You remember the "Big Society", right?
It was one of those soundbites the current government liked to throw around way back when, up there with "we're all in this together".
As time has passed and policies have been unveiled however, it's become apparent that what "Big Society" actually means is "don't blame us, it's your own fault". It's the ultimate smokescreen, with "choice" being used to deflect blame away from local and central government.
Don't like the way your child's school is being run? Don't blame your local authority, talk to the philanthropist who paid for it turning into an Academy and can now set the curriculum to suit their own political or religious agenda.
Not getting a good enough service from your local NHS? Don't blame the government, talk to your GP who has suddenly found themselves in charge of a multi-million pound commissioning budget that they have no clue how to manage.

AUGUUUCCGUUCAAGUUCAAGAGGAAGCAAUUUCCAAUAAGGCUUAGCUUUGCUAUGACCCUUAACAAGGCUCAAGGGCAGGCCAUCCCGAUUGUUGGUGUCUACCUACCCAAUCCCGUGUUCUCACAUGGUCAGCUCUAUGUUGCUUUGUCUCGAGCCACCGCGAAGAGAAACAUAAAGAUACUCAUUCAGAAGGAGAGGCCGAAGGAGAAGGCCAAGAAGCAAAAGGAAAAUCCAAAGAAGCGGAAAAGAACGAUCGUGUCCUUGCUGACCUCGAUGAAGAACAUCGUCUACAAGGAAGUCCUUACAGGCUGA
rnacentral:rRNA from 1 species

Miffed that your local police force doesn't have the resources it needs to fight crime effectively? Not the Home Secretary's fault, blame your local Police and Crime Commissioner. After all, you voted for them (or more likely, didn't).
Don't get me wrong, I'm not suggesting that every aspect of our lives needs to be micromanaged by politicians. "Choice" and "small government" should not be dirty words.
At every policy trick and turn lately, the connect between local and national politicians, the services they provide and the users of those services is getting weaker and weaker. Firewalls are being put in place so that when services fail, the politicians can simply wash their hands of the whole mess and point the finger back at us, the public who voted for them in the first place.
There is some good news on the horizon however. In a couple of years, you'll get your democratic opportunity to give your opinion on the way the country is being run. Don't miss the opportunity to show the coalition just how a Big Society can really work together to sort out its problems.